For sure. The first year sucked for me and maybe for many guys. Maybe many ladies too. I mean, for the first kid it is okay (but I was a PGY2 so didn't really have the option to be around much) but after that...it's all kind of the same. Now when they are 4-12 years old....that's magic time. I'm even enjoying the teenage years. But diapers and feedings? Sorry, didn't enjoy it with any of the kids. Work was definitely better.
                C'mon. No one enjoys diaper changes and late night feeds. Literally anything is better than that. But it's not fair to dump that on your partner either. If that is why anyone is working more, it's pretty lousy. I certainly hope that isn't what is going on with OPs husband.

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                • #38
                  Originally posted by wideopenspaces View Post

                  C'mon. No one enjoys diaper changes and late night feeds. Literally anything is better than that. But it's not fair to dump that on your partner either. If that is why anyone is working more, it's pretty lousy. I certainly hope that isn't what is going on with OPs husband.
                  I did 95% of the night time rocking the baby back to sleep. And we were co sleepers. With 2 kids, I think my sleep cycle was jacked for like 4 years.

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                  • #39
                    Originally posted by wideopenspaces View Post

                    I don't think it's fair to label dad as we, nor wife, know what is driving the behavior. Sure, he could just be a giant tool, a narcissist or whatever. But she probably would have noticed that about him by now and she seems genuinely puzzled by what is going on. So I suspect there is a deeper drive (he may not even be aware of), that is behind his actions. I can't remember but I don't think she said she has concerns about him when he's home with them (ie not interacting with baby, not helping with baby or household chores) it's just that he's not there enough. All this to say that further investigation and conversation is needed.
                    Thank you so much for posting your perspective. I needed to calm down and shut up.
                    Our passion is protecting clients and others from predatory and ignorant advisors. Fox & Co CPAs, Fox & Co Wealth Mgmt. 270-247-6087

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                    • #40
                      Originally posted by burritos View Post

                      I did 95% of the night time rocking the baby back to sleep. And we were co sleepers. With 2 kids, I think my sleep cycle was jacked for like 4 years.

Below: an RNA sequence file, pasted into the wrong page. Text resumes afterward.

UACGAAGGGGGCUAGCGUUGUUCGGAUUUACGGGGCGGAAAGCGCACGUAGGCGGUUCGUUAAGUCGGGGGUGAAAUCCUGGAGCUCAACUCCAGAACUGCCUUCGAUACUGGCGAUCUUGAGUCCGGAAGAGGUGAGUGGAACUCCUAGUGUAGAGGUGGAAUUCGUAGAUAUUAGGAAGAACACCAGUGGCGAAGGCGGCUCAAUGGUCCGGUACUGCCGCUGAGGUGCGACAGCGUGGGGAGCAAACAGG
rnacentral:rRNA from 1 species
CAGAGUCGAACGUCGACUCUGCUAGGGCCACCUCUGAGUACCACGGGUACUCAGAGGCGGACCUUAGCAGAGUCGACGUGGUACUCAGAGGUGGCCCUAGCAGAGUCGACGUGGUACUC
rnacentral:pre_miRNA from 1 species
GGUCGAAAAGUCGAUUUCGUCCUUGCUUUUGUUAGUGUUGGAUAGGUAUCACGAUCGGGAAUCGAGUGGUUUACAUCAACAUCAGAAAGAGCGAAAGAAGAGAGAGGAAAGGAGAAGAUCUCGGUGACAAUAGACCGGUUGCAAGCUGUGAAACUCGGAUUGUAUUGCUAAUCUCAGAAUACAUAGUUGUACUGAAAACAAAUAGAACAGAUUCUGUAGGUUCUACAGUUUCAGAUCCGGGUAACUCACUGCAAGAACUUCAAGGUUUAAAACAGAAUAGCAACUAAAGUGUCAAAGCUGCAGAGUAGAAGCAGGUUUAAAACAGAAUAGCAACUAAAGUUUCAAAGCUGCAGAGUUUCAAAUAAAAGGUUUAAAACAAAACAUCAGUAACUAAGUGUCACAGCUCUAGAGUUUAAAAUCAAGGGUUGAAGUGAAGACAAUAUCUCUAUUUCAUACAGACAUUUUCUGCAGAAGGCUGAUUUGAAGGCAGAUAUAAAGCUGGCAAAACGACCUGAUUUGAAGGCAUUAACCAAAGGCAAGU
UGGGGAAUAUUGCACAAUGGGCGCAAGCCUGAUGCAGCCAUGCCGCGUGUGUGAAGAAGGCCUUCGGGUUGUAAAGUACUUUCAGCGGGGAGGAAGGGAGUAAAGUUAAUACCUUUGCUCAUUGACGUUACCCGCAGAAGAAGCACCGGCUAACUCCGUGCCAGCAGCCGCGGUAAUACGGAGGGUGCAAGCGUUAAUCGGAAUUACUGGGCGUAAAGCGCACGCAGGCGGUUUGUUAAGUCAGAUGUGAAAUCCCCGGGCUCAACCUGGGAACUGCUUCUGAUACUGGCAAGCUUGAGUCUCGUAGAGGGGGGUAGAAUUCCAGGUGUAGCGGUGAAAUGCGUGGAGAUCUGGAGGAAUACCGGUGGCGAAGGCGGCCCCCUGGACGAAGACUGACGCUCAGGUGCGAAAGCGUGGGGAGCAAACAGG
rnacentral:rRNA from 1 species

Bless you. I'm just a gosh awful sleeper and I passed it on to my children. Just the worst sleepers for the first 2 years of each of their lives. Didn't matter how we slept, what they slept in, how we tried to cry it out, who was putting them back to sleep etc, etc, etc I was always awake the WHOLE time and then couldn't fall back asleep for the 2 hours they deigned to sleep. That *may* have accounted for 95% of the reason the kids are 8 years apart. I would not have survived kids closer in age. It's truly an evolutionary adaptation for babies to be so darn cute. Otherwise I probably would have eaten them like other animals do ;-)

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                      • #41
                        Closed until OP responds. Just message any moderator.

                        Comment


                        • #42
                          Hi! I just wanted to add an update to my original post.
                          Thanks so much for all of the responses, which I read with interest. I took the advice and have been having an ongoing discussion with my husband about this, which has been positive. Even in the past couple weeks, I can see changes in him as the baby goes from "blob" to more interactive little human and he becomes more interested in him. I see him getting more excited to spend time with the baby when he comes home. We are even talking about ways for either or both of us to work part-time in the near future. Also, for what it's worth, my husband does plenty of chores around the house. I am very fortunate that he contributes a lot at baseline, so it's not as if he's shirking off all household responsibilities. Anyway, you all really helped me with suggestions and mainly feeling like we aren't alone during a particularly low point, especially the other dad docs who shared so frankly about their experiences. Thank you so much - I really appreciate the feedback.

                          Comment


                          • #43
                            Originally posted by NewMomMD View Post
                            Hi! I just wanted to add an update to my original post.